This article originally appeared on Fool.com Investors want their portfolios to work as hard as they can for them, and many investors are willing to take on some risk in order to reach their ambitious targets for their investment nest eggs. With that in mind, three Motley Fool contributors looked for some strong stocks for risk-tolerant investors with potential for dramatic gains. Below, you’ll learn why NVIDIA (NASDAQ:NVDA), Synaptics (NASDAQ:SYNA), and Camping World Holdings (NYSE:CWH) made the list, and whether they belong in your portfolio. The brains behind the brawn Seth McNew (NVIDIA): Chipmaker NVIDIA has its…
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This article originally appeared on Fool.com
Investors want their portfolios to work as hard as they can for them, and many investors are willing to take on some risk in order to reach their ambitious targets for their investment nest eggs. With that in mind, three Motley Fool contributors looked for some strong stocks for risk-tolerant investors with potential for dramatic gains. Below, you’ll learn why NVIDIA (NASDAQ:NVDA), Synaptics (NASDAQ:SYNA), and Camping World Holdings (NYSE:CWH) made the list, and whether they belong in your portfolio.
The brains behind the brawn
Seth McNew (NVIDIA): Chipmaker NVIDIA has its hands in a lot of pots. The company’s four main segments include products for gaming, professional visualization, datacenter, and automotive. The company produces Graphics Processing Units (GPUs) and other equipment that helps power some important names — such as Tesla and the U.S. Department of Energy.
For the fiscal year 2017 ended January 29, NVIDIA’s sales climbed 38% over fiscal-year 2016. That number could jump much higher this year as the company expands its GPUs for virtual reality-enabled laptops, and also signs more and more deals with automotive companies looking to use its technology for self-driving features.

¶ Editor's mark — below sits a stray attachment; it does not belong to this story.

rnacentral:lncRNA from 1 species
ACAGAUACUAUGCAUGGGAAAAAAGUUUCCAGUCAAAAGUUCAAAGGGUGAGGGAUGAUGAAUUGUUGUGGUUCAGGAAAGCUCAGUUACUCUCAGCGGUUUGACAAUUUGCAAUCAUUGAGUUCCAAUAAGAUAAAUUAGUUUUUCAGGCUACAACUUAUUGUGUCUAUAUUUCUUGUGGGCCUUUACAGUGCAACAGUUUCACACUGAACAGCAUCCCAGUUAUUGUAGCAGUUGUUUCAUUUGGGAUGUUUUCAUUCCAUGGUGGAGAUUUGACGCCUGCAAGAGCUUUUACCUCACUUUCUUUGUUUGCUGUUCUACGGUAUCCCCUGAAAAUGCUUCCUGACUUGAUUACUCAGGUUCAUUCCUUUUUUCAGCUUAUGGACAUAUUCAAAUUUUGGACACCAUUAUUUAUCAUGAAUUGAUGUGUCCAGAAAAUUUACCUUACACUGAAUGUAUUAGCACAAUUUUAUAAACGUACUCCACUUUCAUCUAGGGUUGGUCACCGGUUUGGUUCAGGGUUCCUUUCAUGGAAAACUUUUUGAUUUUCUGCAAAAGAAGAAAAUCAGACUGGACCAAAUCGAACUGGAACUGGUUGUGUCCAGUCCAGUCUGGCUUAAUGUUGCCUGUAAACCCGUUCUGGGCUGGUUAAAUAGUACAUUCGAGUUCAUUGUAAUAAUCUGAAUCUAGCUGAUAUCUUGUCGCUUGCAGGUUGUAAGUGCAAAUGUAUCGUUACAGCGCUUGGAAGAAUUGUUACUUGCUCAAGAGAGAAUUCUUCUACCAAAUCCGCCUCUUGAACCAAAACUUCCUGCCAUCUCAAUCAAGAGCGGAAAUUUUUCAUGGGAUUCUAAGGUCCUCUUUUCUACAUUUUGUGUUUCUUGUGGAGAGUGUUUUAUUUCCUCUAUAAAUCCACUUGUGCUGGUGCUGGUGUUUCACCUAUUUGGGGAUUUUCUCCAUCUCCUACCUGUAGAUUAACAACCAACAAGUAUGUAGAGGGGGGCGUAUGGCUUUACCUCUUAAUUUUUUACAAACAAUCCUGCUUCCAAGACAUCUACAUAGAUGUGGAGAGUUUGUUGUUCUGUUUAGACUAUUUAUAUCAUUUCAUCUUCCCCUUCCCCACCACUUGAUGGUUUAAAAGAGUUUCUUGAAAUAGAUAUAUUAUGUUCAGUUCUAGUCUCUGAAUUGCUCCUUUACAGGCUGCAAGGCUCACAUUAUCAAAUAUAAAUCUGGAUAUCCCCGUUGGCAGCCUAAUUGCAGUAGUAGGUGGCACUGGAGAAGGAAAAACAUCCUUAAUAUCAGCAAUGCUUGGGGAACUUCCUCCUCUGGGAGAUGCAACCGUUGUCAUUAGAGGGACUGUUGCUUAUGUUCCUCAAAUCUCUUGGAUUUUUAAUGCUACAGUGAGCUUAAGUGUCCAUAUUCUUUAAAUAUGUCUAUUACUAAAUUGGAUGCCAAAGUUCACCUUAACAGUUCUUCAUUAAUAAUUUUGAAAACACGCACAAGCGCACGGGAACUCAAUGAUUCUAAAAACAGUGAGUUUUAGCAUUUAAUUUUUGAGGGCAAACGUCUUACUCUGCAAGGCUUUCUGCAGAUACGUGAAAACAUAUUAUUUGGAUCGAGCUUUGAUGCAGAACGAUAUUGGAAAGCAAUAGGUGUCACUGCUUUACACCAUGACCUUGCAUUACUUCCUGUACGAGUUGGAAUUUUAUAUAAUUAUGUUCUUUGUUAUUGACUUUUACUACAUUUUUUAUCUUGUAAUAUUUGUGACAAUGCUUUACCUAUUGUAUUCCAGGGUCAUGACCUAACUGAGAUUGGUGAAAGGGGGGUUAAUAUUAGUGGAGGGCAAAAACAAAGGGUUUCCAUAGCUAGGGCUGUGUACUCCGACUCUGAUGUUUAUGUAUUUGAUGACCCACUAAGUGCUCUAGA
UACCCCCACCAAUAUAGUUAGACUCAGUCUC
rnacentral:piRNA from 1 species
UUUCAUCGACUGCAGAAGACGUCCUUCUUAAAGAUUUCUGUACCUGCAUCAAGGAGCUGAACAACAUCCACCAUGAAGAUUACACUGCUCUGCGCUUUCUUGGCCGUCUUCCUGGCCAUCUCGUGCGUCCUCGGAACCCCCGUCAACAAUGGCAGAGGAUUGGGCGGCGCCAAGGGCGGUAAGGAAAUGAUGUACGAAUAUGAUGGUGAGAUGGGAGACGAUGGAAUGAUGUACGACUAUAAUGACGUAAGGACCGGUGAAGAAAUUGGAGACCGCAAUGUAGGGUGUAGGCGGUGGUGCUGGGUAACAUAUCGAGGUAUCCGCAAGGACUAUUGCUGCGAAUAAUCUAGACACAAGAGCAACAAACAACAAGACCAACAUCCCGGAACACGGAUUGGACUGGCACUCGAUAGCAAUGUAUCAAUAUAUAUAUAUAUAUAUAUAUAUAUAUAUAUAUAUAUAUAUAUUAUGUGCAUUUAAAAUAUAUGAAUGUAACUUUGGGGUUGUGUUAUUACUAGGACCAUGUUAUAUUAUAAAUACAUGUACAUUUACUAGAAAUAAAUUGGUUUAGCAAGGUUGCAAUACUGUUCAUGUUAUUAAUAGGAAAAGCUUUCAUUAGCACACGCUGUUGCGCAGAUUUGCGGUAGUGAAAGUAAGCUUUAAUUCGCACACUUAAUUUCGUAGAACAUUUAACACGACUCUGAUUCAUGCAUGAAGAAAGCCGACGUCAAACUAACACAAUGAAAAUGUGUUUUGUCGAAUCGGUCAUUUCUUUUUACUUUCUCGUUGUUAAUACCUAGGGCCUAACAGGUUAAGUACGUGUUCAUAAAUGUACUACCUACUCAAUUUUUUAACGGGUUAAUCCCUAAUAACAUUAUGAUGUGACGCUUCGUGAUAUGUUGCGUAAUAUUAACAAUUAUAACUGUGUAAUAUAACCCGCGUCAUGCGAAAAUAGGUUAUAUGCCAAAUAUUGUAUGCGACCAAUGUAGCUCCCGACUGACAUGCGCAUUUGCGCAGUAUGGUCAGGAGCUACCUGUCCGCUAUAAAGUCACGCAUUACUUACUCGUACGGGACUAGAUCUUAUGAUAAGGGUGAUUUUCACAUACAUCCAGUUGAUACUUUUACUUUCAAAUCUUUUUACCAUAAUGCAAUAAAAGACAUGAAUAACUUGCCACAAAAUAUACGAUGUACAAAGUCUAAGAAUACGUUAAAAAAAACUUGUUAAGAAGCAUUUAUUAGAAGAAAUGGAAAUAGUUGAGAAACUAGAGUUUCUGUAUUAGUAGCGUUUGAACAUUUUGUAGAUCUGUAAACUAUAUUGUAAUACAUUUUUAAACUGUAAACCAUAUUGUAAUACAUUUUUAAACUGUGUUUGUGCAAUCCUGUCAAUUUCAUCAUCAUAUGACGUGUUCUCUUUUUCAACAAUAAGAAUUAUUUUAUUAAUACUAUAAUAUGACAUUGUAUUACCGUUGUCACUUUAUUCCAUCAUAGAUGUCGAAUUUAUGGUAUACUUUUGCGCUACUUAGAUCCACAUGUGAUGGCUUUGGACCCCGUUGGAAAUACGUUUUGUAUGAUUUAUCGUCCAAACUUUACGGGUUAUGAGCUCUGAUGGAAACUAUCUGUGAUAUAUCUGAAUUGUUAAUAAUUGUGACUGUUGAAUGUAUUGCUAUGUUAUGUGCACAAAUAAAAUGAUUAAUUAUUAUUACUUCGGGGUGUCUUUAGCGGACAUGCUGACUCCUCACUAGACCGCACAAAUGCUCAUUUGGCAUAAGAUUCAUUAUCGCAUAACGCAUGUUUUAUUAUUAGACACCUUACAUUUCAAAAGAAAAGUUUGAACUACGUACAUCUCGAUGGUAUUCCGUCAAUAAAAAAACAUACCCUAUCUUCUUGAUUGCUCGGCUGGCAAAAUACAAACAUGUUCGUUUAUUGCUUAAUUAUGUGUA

NVIDIA stock has been incredibly well-performing as well, rising nearly 700% over the last five years. However, the stock’s valuation has also grown, which has made it hard for earnings to keep up with such high market expectations. So far, the company mostly has kept up, but the stock pulled back recently when the company released earnings for the fiscal year ended January 29, and even a full year earnings-per-share growth of 138% year over year didn’t make the cut. Still, the stock is still trading at just 30 times forward earnings estimates for next year — a good sign for ambitious investors willing to bet on the continued long-term growth of this company.
Tremendous value equals tremendous growth potential
Tim Brugger (Synaptics): The “human interface solutions” provider doesn’t turn heads as some growth stocks do. After its 4% increase in share price following its solid fiscal 2017 third-quarter earnings on April 27, Synaptics’ shares are up just 2.5% year to date. Toss in a sky-high price-to-earnings (P/E) ratio of 81, and ambitious investors should look elsewhere, right? Not so fast.
Last fiscal year was a tough one, so many pundits expect the improved comparables will lead to more strong quarters like Synaptics’ recent one. Synaptics reported a 10% jump in revenue to $442.2 million that, when combined with its expense-management efforts, resulted in a 5% improvement in per-share earnings to $1.27, excluding one-time items.